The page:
This one-of-a-kind photo book offers evocative portraits of New York bars after closing time.
Nearly every day, Daniel Root sets out before sunrise to wander the streets of Manhattan with his camera. In those comparatively quiet hours, the entire city wears a different face, but Root is particularly fascinated by the scenes to be glimpsed through the windows of its bars. Empty of patrons and illuminated by an odd mix of artificial lights—neon beer ads, red EXIT signs, a single bulb above the cash register—they present a more hushed and mysterious aspect than in the busy evening hours. Nonetheless, each one—whether a dive bar, a sports bar, or a restaurant bar—still conveys an individual character, a distinct personality.
New York Bars at Dawn presents some two hundred of Root’s most compelling bar portraits, ranging from well-known establishments like Balthazar, McSorley’s, and the Stonewall Inn to nameless dives and an American Legion post. A foreword by Rosie Schaap, author of Drinking with Men, shows us just how much Root’s photographs reveal about bar culture, and an afterword by art historian Suzaan Boettger examines their aesthetic qualities. This will be an essential volume for anyone with an interest in nightlife, interiors, or urban photography.
About the Author
Daniel Root is a fine art photographer and a principal in the design firm The Root Group. His predawn photographs of Manhattan have attracted a devoted following among bartenders and other night shift workers, and have been featured on NY1. Root lives on the Lower East Side and is a very early riser.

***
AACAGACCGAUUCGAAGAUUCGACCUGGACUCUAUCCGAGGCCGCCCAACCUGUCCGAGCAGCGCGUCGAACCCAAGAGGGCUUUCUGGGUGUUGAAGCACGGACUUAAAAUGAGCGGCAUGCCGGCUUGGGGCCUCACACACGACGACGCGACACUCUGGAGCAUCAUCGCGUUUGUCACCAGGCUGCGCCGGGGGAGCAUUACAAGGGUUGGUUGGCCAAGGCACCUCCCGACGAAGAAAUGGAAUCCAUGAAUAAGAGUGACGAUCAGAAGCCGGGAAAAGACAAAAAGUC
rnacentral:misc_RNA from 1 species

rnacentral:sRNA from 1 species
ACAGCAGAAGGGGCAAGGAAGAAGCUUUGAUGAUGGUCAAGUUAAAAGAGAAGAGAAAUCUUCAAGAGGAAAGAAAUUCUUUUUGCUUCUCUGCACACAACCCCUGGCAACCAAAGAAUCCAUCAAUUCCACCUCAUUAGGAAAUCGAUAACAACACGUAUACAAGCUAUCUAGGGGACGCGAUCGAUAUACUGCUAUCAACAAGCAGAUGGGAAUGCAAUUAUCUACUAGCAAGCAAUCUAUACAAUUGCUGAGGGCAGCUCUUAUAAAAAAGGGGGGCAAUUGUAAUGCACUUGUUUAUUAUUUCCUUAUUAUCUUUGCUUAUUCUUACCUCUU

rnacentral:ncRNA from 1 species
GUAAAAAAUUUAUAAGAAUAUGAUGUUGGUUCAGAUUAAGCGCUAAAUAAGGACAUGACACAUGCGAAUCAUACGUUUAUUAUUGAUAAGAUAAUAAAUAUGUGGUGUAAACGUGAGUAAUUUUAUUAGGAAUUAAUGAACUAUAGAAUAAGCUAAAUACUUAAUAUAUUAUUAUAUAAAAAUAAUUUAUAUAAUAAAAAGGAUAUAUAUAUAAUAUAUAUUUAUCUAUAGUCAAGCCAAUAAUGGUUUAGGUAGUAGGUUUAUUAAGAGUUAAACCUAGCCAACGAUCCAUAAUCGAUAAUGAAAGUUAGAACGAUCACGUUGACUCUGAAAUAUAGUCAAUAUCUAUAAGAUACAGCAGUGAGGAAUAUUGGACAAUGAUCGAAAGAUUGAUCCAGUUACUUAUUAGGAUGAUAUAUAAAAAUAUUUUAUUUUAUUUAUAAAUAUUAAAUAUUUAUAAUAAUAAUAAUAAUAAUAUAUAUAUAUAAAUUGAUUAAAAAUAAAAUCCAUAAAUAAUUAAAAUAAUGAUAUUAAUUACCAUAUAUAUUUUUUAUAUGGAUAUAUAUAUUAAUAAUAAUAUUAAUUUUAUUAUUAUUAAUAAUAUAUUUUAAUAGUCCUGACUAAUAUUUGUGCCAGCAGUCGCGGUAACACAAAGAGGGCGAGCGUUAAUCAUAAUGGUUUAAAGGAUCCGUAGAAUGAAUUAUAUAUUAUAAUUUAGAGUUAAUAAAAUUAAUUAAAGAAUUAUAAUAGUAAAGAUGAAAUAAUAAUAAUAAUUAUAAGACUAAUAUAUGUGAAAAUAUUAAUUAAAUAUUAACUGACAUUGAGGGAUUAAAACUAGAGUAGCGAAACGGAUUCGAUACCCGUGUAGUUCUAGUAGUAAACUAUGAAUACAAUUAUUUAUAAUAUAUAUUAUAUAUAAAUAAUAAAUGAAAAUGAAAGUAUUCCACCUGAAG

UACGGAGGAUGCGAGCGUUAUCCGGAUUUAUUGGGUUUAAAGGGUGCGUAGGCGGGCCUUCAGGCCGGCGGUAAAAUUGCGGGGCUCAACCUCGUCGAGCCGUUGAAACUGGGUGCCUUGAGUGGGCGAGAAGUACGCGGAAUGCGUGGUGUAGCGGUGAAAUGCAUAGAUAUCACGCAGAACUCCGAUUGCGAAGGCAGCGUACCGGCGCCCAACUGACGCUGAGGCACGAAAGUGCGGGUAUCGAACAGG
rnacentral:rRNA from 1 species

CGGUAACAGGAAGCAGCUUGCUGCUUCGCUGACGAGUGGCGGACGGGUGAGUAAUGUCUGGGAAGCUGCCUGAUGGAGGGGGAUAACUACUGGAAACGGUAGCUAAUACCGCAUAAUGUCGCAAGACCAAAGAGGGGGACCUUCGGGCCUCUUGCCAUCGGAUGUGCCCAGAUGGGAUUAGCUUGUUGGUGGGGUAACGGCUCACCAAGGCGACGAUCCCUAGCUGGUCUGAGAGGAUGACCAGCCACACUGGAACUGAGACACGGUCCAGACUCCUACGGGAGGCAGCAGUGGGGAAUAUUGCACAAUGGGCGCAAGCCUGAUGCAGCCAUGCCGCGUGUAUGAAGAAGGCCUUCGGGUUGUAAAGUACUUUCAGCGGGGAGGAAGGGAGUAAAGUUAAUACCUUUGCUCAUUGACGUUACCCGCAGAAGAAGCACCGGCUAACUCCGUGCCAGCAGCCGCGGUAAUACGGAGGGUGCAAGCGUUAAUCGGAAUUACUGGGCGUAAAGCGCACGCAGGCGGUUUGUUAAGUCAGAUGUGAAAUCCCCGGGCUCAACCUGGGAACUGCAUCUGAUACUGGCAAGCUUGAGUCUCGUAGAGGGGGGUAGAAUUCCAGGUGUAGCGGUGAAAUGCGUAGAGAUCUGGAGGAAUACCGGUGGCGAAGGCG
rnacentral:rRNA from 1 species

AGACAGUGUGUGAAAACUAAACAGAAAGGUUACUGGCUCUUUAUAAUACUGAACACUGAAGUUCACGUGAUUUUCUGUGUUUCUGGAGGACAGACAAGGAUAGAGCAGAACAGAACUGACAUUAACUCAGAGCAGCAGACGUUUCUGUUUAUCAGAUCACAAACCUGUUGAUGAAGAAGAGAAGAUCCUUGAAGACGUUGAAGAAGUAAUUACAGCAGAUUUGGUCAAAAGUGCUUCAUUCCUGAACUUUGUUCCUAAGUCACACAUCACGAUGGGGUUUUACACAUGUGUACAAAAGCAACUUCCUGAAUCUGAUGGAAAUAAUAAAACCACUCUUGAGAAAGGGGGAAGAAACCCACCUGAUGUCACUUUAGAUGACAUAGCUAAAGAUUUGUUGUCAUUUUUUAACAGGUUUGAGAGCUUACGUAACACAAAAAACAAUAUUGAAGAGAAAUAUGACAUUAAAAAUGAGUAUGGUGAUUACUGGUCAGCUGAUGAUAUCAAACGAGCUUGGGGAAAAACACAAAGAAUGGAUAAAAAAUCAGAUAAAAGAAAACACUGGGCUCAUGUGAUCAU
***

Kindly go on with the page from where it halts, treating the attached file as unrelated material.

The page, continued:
Rosie Schaap is the author of Drinking with Men and Becoming a Sommelier, and a frequent contributor to the New York Times.
Root’s photos of New York bars at dawn are a perfect blend of beauty and
melancholia. Everything about them is just right. — Roz Chast
Upon seeing Daniel Root’s photographs of Manhattan’s downtown bars, I was immediately taken by the light. Through his photographs, Daniel reveals each space as a container for light. The beautiful intersection of saturated colorful lights becomes a tapestry that fills and is faceted by the architectural details of each bar, making a magical space to be activated and a stage for our daily human dramas to play out. — Kiki Smith
I’ve always said the very best bars are inviting, whether packed or empty. Daniel Root’s amazing set of images takes you to a bar netherworld that few get to see. These photos were taken before dawn, after closing, after the porters have been there to clean up and restock the bar, before the managers come back to check last night’s register ring. It’s a part of every single bar, but one that mostly goes unseen. — Eric “Roscoe” Ambel, guitarist, producer, and former owner of the Lakeside Lounge in NYC